Molly Jarman, PhD, MPH, Awarded a $4.2M National Institute for Minority Health and Health Disparities Award

Dr. Jarman has been awarded a $4.2M R01 award from the National Institute for Minority Health and Health Disparities for the study titled, “Mitigating Injury Disparities with Evidence Based Trauma Systems Planning.”

Traumatic injury is a leading cause of death and disability in the U.S., disproportionately impacting racial and ethnic minorities, people with low incomes, and rural populations. This study will use a mixed methods approach to identify strategies state-level policy makers and trauma system leaders use to improve access to care for populations at higher risk of poor outcomes following traumatic injury. The study will culminate in a national consensus conference, generating a prioritized list of interventions trauma system leaders can use to reduce disparities in health outcomes following traumatic injury.

Molly Jarman, PhD, MPH
Lead Investigator, Department of Surgery
Lead Research Faculty, Health Informatics and Data Infrastructure, Center for Surgery and Public Health, Brigham and Women’s Hospital
Assistant Professor of Surgery, Harvard Medical School

Dr. Jarman is lead research faculty for Health Informatics and Data Infrastructure and an assistant professor with the Center for Surgery and Public Health (CSPH) in the Department of Surgery at Brigham and Women’s Hospital. She earned a PhD in health services research and policy from the Johns Hopkins Bloomberg School of Public Health and completed a one-year postdoctoral fellowship at the CSPH before joining the department as a faculty member.

Her research addresses trauma surgery and emergency medical services, with primary interest in trauma system organization and access to care for underserved populations, as well as development of methodologies for the use of naturally occurring data in health services research. Recent projects include examinations of orthopedic trauma workforce capacity in the U.S. and pre-hospital triage decisions for injured older adults.

Maria Edelen, PhD, and Andrea Pusic, MD, MHS, Awarded a $2.9M National Cancer Institute Award

Dr. Edelen and Dr. Pusic have been awarded a $2.9M R01 award for the study, “Increasing Engagement of Diverse Patients in Patient Reported Outcome Measurement to Address Breast Cancer Care Disparities using Health Information Technology in Community Cancer Settings.”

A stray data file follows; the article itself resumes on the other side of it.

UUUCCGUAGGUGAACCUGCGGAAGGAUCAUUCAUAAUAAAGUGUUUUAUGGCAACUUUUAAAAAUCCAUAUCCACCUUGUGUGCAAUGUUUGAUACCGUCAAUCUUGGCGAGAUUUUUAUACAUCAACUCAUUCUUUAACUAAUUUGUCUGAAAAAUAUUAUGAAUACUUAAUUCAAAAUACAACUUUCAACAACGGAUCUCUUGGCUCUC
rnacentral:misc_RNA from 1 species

Disparities in breast cancer-related outcomes are pervasive and have been widely documented among racial and ethnic minorities, especially Black women. Substantial evidence demonstrates that routine patient-reported outcome (PRO) data collection using health information technology (HIT) results in improved cancer care delivery; however, PRO reporting remains low among Black patients and within the community cancer care (CCC) settings where they often receive care, and this increases disparities.

The objectives of this project, in partnership with the Association of Community Cancer Centers, are to use implementation science and health equity frameworks to develop and implement routine health information technology-assisted collection of patient-reported outcome (PRO) data at community cancer care settings serving a high proportion of Black patients with breast cancer. Completion of this project will produce generalizable knowledge that can be used to unlock the benefits of PRO reporting to historically underserved patients and advance equitable cancer care.

Maria Orlando Edelen, PhD
Associate Director, Patient-Reported Outcomes, Value & Experience (PROVE) Center
Associate Professor of Surgery, Harvard Medical School

Dr. Edelen is a quantitative psychologist and associate director of the Patient-Reported Outcomes, Value and Experience (PROVE) Center at Brigham and Women’s’ Hospital. Her area of expertise is in psychometric methodology and health policy research with a special emphasis on patient-reported outcomes (PROs). Throughout her career, Dr. Edelen has led or contributed to the development, evaluation and refinement of numerous PRO measures (e.g., the PROMIS Smoking Assessments, palliative care patients’ perception of feeling heard and understood, a measure of stigma associated with seeking mental health treatment on the military, asthma-related quality of life, asthma control, cancer stigma). Other work has focused on the development of PRO-based quality measures in primary and palliative care, and patient assessment in post-acute care and hospice.

Her current work includes leading two NIH-funded PRO development projects: an NCCIH project to develop a clinically relevant short profile measure of eight PROMIS domains of health-related quality of life (the PROMIS-16), and an NIA-funded project to develop a brief PRO measure to screen for cognitive impairment (the PRO-CS). She also co-leads the PROVE Center team in the implementation of imPROVE, a patient-centered HIT data collection and feedback tool for breast cancer patients at the Brigham and Dana-Farber Cancer Institute, and she supports multiple PRO initiatives at the Brigham and across the enterprise.